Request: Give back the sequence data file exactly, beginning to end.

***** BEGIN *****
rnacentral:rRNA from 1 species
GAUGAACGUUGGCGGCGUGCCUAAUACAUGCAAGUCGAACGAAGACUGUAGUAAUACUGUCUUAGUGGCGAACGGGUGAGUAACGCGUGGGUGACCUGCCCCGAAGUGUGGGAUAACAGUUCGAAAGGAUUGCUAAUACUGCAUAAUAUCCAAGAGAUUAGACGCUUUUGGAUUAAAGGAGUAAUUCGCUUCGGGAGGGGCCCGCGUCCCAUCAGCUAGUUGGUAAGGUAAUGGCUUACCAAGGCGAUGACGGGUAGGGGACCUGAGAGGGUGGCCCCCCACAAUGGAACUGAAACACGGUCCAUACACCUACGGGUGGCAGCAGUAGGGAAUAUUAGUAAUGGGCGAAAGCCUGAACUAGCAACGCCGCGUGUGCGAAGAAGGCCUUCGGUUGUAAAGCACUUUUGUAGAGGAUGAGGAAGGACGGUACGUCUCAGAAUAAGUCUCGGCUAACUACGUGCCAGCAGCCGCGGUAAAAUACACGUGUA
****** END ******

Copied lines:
rnacentral:rRNA from 1 species
GAUGAACGUUGGCGGCGUGCCUAAUACAUGCAAGUCGAACGAAGACUGUAGUAAUACUGUCUUAGUGGCGAACGGGUGAGUAACGCGUGGGUGACCUGCCCCGAAGUGUGGGAUAACAGUUCGAAAGGAUUGCUAAUACUGCAUAAUAUCCAAGAGAUUAGACGCUUUUGGAUUAAAGGAGUAAUUCGCUUCGGGAGGGGCCCGCGUCCCAUCAGCUAGUUGGUAAGGUAAUGGCUUACCAAGGCGAUGACGGGUAGGGGACCUGAGAGGGUGGCCCCCCACAAUGGAACUGAAACACGGUCCAUACACCUACGGGUGGCAGCAGUAGGGAAUAUUAGUAAUGGGCGAAAGCCUGAACUAGCAACGCCGCGUGUGCGAAGAAGGCCUUCGGUUGUAAAGCACUUUUGUAGAGGAUGAGGAAGGACGGUACGUCUCAGAAUAAGUCUCGGCUAACUACGUGCCAGCAGCCGCGGUAAAAUACACGUGUA